Hurricane Matthew Relief Trip Report

Our team of six Hope Force International (HFI) staff and reservists formed the initial response team to Hurricane Matthew. We met in Nashville and drove our equipment to Fayetteville, NC. The original plan was to head to Florida, but as Hurricane Matthew made its trip up the coast, it became apparent that we could do the most good in North Carolina. Additional reservists and volunteers joined us in the following days.
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Through a string of relationships (which is how most things get done!), we connected with city officials in Lumberton, NC. They were thrilled to have us involved, but we had to wait for the water to recede before we could get into the area to begin work. So we setup our initial base of operations in an empty house near Fayetteville (it was up for sale, owned by a friend of a friend…). 14670860_1187053201340489_7850694225780063080_nWe worked on eight homes in the Fayetteville area while waiting five days for the water level to go down in Lumberton.

Some of the homes in Fayetteville were owned by widows that we connected with through local churches. Fort Bragg is near Fayetteville, so we also had the privilege of helping the families of some military men stationed there.
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Lumberton is a city of about 21,000 people. It is an economically challenged area, and has been recognized as the “most dangerous city in NC”, “4th most dangerous city in the US”, home of the “worst NC drivers” (fatalities/capita), and the “6th worst place in NC to get a job”. Nevertheless, the city officials we engaged with were impressive, dedicated, hard working, caring people. They were excited to have HFI engaged as much for the emotional & spiritual care we brought as for the physical labor we provided. During the time I was there, HFI brought in three chaplains in response to the city’s requests for help.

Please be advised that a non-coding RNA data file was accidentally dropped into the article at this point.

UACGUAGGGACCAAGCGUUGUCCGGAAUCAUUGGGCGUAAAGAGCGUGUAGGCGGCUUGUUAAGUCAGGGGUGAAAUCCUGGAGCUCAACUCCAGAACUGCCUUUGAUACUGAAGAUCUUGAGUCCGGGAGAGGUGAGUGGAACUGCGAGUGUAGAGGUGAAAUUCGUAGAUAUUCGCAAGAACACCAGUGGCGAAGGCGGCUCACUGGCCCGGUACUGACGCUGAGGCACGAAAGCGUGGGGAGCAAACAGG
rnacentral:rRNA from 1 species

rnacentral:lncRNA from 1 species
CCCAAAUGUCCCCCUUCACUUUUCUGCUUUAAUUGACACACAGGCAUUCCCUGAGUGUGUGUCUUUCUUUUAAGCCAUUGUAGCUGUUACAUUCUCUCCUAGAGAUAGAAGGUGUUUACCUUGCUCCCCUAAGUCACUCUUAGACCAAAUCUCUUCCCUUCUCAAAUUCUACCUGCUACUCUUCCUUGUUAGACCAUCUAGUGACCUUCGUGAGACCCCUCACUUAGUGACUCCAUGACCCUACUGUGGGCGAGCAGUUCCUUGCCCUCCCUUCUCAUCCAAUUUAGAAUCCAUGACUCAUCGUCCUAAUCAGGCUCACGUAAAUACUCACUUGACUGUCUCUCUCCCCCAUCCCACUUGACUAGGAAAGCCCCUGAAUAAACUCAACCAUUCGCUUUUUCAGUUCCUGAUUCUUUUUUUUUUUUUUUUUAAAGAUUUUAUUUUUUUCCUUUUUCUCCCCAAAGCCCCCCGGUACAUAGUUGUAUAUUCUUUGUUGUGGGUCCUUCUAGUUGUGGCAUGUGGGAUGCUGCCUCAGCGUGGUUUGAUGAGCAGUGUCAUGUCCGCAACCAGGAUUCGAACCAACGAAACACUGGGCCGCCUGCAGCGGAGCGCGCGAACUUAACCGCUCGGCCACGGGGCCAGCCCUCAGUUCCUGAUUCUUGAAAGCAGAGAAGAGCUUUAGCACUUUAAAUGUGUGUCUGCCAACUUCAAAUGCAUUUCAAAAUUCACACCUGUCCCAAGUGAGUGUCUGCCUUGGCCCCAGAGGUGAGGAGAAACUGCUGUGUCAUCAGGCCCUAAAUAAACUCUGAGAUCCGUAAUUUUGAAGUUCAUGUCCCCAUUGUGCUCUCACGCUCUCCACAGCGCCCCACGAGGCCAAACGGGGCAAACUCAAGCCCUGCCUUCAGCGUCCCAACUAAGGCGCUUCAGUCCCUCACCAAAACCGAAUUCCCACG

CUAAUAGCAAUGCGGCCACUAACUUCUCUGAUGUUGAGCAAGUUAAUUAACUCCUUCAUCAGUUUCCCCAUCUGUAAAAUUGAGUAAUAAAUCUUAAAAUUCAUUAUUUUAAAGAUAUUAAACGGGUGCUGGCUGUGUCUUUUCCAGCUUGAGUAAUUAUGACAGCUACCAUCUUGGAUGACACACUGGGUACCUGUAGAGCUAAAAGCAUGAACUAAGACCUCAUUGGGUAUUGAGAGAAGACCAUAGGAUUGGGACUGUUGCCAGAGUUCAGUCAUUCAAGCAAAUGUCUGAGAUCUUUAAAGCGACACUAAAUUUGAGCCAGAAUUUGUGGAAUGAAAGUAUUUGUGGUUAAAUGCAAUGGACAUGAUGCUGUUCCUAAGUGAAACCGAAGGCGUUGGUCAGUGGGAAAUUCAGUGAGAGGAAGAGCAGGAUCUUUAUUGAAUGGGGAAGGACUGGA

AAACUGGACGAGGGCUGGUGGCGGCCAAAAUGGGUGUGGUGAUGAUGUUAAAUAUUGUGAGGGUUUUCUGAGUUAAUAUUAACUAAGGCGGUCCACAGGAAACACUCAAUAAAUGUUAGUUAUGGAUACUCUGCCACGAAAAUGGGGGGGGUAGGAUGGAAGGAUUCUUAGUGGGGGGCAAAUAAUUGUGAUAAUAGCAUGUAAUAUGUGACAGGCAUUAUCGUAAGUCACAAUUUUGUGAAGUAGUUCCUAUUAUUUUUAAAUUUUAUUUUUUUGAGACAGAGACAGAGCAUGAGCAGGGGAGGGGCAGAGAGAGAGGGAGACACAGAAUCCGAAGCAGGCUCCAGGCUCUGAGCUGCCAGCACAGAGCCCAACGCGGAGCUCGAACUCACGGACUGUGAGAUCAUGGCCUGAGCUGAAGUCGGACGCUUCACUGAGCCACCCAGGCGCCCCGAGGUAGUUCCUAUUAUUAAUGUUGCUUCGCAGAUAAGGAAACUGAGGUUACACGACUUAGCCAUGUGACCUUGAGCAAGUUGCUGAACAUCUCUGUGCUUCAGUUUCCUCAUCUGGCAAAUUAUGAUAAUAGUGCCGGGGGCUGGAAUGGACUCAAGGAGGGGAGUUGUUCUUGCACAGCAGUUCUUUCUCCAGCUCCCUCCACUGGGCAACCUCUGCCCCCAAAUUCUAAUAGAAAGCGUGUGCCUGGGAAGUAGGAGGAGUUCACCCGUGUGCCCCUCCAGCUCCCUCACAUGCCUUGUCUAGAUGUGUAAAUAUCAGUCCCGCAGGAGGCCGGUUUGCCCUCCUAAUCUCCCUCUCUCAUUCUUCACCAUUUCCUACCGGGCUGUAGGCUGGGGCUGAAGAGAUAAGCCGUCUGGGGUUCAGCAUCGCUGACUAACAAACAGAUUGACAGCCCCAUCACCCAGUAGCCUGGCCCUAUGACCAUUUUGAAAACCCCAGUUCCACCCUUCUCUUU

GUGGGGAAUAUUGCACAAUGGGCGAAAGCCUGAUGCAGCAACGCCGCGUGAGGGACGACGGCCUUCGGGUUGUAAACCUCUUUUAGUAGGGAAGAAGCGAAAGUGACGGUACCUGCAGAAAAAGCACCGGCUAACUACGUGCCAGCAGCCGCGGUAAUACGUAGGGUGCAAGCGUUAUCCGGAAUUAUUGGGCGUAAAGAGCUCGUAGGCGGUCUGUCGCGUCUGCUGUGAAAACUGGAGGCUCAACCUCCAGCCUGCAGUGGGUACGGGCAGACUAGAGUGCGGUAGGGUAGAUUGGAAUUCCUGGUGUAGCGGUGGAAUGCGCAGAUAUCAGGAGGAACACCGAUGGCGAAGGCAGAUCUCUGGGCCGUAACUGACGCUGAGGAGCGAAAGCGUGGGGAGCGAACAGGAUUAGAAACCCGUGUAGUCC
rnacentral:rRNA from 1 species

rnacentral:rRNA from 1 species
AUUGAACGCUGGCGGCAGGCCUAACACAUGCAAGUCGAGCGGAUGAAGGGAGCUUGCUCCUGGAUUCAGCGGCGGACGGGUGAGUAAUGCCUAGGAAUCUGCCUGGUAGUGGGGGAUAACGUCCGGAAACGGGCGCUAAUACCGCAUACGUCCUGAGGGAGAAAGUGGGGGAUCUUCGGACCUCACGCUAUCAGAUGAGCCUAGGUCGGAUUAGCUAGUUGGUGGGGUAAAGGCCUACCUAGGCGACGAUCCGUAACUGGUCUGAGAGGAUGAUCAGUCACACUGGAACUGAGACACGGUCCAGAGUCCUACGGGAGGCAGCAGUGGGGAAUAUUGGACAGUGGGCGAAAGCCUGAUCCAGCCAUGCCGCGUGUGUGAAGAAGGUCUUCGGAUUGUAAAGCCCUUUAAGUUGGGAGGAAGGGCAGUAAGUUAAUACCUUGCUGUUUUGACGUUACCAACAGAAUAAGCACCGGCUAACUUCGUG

Everyone we met in Lumberton defied the city’s negative reputation.

Woody’s a good example. When the levee was breached and water flooded into his neighborhood, sandWoody spent the night making trips into his neighborhood in a boat rescuing those who couldn’t get out. His own home was badly damaged and will require a lot of work to repair. Decades of remodels left multiple layers of drywall and paneling, and layers of flooring upon flooring – and the flood waters settled between each of those layers. It all needed to be removed so his home could dry out properly.

The hardest part of disaster relief deployments is having to leave knowing there’s still so much work to be done. It will be months or even years before some of these people recover from the physical and emotional trauma. It is our “terrible privilege” to be able to engage with a few and do what we wish we could do for all. But our belief and prayer is that some of those we meet will find the source of peace and joy in Christ that far surpasses the losses they’ve experienced.

Thank you for your prayers and financial support that made this effort possible. You can continue to support Hope Force International at http://www.hopeforce.org.

Responding to Hurricane Matthew

If this seems like déjà vu, it was only seven weeks ago that I posted something similar as I prepared to leave for Louisiana.  It seems that disasters don’t submit themselves to our scheduling preferences…

matthew_mapHope Force International has asked me to join their initial assessment team in preparation for sending response teams to the East Coast.  Our initial connection is with a partner near Orlando, but we may move up the coast from there depending on the need and connections.  As of this writing, the deadly storm is just moving away from Florida as it moves up the coast of Georgia and the Carolinas.  So it’s still too soon to know where the worst damage will be and how bad it is. But this storm has left hundreds dead in Haiti and other Caribbean islands and has killed at least four in Florida so far.  About one million Floridians are without power.

Tomorrow morning I’ll fly to Nashville where I’ll join Hope Force staff to haul our tool trailer to Florida. I’ll be on the ground there, doing whatever needs done until I fly home on October 20.